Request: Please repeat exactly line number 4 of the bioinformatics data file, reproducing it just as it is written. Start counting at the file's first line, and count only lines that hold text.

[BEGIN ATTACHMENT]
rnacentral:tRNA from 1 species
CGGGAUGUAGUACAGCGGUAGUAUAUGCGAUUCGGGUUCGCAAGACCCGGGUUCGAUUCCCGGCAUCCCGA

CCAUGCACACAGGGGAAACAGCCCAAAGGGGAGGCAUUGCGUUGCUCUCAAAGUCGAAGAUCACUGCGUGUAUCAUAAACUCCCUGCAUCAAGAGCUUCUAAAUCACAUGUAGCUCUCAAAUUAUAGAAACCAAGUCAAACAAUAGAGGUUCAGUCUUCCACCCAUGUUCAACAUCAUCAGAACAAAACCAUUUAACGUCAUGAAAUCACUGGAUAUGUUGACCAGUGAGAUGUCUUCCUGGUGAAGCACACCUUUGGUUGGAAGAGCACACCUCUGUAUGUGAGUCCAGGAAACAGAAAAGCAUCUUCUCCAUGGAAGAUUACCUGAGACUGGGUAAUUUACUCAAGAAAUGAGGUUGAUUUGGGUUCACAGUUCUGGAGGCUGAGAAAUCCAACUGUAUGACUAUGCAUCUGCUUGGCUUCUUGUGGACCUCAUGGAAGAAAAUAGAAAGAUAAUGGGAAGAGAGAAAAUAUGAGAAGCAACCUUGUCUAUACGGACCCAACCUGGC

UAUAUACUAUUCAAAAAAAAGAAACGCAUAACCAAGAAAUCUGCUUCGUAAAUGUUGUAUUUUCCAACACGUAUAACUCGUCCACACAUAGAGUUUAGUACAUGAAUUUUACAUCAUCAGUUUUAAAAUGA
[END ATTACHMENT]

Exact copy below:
UAUAUACUAUUCAAAAAAAAGAAACGCAUAACCAAGAAAUCUGCUUCGUAAAUGUUGUAUUUUCCAACACGUAUAACUCGUCCACACAUAGAGUUUAGUACAUGAAUUUUACAUCAUCAGUUUUAAAAUGA